Published September 27 online in the journal Arthritis & Rheumatism, the findings are now being tested in people.
“What’s surprising is that exercise, without substantial weight loss, can be beneficial to the joints,” said Farshid Guilak, PhD, professor of orthopaedic surgery at Duke and senior author of the study.
“Ideally, it would be best to be fit and lose a little weight, but this shows that exercise alone can improve the health of your joints.”
Even modest improvements could have a major impact if the findings are borne out in people. The Arthritis Foundation reports that one in five adults in the United States have been diagnosed with arthritis, and the annual cost of treating it and other rheumatic conditions has been tabbed at $128 billion.
Many cases of arthritis are associated with obesity and inactivity, so the Duke researchers set out to determine whether a high-fat diet induces knee osteoarthritis, and then whether exercise provides a protective effect.
Using two sets of male mice — half fed a high-fat diet and the other fed regular chow — the researchers noted significant differences between the two groups. The mice on the high-fat food gained weight rapidly, processed glucose poorly, and had much higher blood levels of molecules that trigger the chronic inflammation associated with osteoarthritis.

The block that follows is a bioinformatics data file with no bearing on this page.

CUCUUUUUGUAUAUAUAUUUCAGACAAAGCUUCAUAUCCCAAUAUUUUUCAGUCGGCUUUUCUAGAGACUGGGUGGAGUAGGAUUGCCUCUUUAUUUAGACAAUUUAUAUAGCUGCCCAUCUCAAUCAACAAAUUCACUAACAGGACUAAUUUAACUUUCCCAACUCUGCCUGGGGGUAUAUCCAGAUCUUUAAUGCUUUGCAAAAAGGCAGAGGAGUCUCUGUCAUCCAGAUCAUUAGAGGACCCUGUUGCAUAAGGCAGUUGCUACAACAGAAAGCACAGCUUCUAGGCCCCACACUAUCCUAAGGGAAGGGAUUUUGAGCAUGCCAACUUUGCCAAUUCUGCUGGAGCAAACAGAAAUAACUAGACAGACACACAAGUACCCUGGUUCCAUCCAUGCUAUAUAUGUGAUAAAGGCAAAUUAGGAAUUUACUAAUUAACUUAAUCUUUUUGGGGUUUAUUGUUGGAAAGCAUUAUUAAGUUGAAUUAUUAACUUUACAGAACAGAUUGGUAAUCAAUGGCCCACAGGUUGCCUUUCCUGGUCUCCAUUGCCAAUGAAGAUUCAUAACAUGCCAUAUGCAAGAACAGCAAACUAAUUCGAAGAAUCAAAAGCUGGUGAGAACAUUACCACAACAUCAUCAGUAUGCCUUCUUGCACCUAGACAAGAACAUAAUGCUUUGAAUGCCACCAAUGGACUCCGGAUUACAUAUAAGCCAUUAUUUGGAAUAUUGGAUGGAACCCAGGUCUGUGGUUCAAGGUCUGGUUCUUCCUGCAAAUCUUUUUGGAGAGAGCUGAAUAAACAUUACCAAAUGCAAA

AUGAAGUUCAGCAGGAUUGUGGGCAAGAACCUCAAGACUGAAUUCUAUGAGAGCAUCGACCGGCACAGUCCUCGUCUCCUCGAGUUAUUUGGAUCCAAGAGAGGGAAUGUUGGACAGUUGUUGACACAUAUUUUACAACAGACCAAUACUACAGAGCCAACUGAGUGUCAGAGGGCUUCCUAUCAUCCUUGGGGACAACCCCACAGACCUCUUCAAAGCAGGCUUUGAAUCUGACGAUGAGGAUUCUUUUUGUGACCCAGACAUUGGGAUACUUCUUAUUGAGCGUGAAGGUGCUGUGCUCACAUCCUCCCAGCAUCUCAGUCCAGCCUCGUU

But when these animals got regular running wheel workouts, many of the harmful effects diminished — even though the mice ate the same high-fat food and shed no weight. Glucose tolerance improved, while the inflammatory response was disrupted among key signaling molecules called cytokines, easing the development of arthritis.
If the extra weight on the joints had been the cause of the arthritis, the researchers noted, exercise would have exacerbated the problem. Instead, it helped.
“We’re trying to understand the interaction of physical activity and obesity,” said Timothy M. Griffin, PhD, lead author of the study. Griffin was formerly at Duke and is now at the Oklahoma Medical Research Foundation. “Even though there was the same amount of body fat, the fat was different.”
Griffin said the fat cells still produced inflammatory molecules associated with arthritis, but they lost their punch because they could not organize into a force: “I don’t want to say exercise is turning off that inflammatory signal, it just impairs it.”
The findings add to a growing body of research exploring fitness vs. fatness. Ongoing studies at Duke and elsewhere are examining the role of diet, exercise, and inflammatory diseases.
“This shows that if you are obese, it’s better to exercise,” Guilak said. “Sometimes pain can be a barrier to starting exercise, but if you overcome it, in the long term, it’s better.”
In addition to Guilak and Griffin, study authors included Janet L. Huebner, Virginia B. Kraus, and Zhen Yan.
The study was supported by grants from the National Institutes of Health and from the Arthritis Foundation. The authors reported no financial conflicts of interest.